THE BLOG
05/07/2013 01:14 pm ET | Updated Jul 06, 2013

Why We Need a Global Brand Initiative

Last month, the United Nations marked 1000 days until the 2015 deadline of the "Millennium Development Goals," a program started in 2000 with the goal of eliminating the worst impacts of human poverty within 15 years. This countdown was, in part, a response to data from the Organization for Economic Co-operation and Development that countries are giving less and less to international development. In the steepest reduction in 15 years, aid was down 4% last year and 2% percent in 2011. Unfortunately, many of the programs designed to help developing nations reach the Millennium goals are not backed by NGOs, but by shrinking government aid budgets.

With a persistent European economic crisis and philanthropies facing continued funding challenges since 2008, it's time for the private sector to step up and become a third pillar of social change. Business is slowly emerging as such an entity, and those leading the charge are driving successful Corporate Social Responsibility (CSR) initiatives and embracing models of "contributory consumption" (putting a small portion of the proceeds of every sale towards a cause) and the "one-for-one model" pioneered by TOMS. But really impacting the world's most serious humanitarian problems requires scale and speed that only a collaborative Global Brand Initiative (GBI) can deliver.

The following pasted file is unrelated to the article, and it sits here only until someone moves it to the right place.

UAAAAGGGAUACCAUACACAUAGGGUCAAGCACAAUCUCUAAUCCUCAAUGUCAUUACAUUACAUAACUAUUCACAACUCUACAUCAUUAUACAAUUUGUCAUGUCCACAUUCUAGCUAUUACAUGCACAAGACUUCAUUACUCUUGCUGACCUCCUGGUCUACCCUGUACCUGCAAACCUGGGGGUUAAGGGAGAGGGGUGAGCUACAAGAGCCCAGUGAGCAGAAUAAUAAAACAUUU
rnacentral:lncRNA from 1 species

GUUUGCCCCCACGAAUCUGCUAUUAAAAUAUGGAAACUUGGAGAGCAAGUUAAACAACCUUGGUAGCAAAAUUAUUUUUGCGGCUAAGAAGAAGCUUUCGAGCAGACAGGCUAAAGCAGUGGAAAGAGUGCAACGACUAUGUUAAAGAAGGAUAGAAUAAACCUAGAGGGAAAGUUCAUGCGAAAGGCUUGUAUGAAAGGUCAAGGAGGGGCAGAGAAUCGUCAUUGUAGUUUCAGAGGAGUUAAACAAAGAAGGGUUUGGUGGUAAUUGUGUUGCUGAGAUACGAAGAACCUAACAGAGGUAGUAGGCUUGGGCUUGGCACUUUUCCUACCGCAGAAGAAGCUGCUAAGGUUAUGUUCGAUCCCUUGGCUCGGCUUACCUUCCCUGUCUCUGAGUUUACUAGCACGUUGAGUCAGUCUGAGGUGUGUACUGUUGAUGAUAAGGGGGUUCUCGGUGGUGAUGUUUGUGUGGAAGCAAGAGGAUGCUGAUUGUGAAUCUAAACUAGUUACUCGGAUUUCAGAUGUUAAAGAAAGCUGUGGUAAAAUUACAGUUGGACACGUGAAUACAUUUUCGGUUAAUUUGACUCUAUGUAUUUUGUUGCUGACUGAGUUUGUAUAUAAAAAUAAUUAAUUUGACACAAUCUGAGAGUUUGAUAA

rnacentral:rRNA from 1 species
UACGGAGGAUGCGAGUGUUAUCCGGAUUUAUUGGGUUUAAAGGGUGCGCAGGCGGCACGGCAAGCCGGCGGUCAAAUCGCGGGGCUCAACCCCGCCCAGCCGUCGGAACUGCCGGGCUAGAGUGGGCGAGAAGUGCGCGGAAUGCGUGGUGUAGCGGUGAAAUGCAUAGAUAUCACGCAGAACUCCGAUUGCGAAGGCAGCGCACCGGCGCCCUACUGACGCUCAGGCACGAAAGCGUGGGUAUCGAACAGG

Utilizing its vast resources, expertise, management, and distribution networks, a unified and well-organized Global Brand Initiative has the power to tackle the world's most serious humanitarian crises: poverty, malnutrition, infant mortality, ignorance and illiteracy, and joblessness. In order into move the needle, there are two elements that business must embrace to become a coalition of purpose-driven brands that build their bottom line and a better world:

A partnership between brands and consumers: Companies must shift from the transactional mindset of viewing customers simply as dollars signs, to the relational mindset where customers are seen as partners with a goal of co-creating win-win situations. For their part, brands will earn goodwill, loyalty and profits from their customers, and in return, consumers will benefit from more responsible behavior by brands that improve their quality of life. This dynamic is already informing the strategy of many successful brands today as reflected in the cause efforts behind Nike's "Better World" or Starbuck's "Shared Planet" campaigns, as well as a legion of social entrepreneurs whose business models hinge on social impact.

This strategy is more than good intentions. Data from Edelman's GoodPurpose Report 2012 reveals consumers' preference for social purpose as a motivation to recommend, promote or switch to a brand has increased consistently since 2008. This is especially true among the next generation of leaders, millennials, who are now in their early 30′s and assuming leadership positions. As per a recent study by TBWA called 'The Future of Social Activism', they would be more likely to purchase from a company, think more highly of a company, and seek employment from a company that supports a good cause.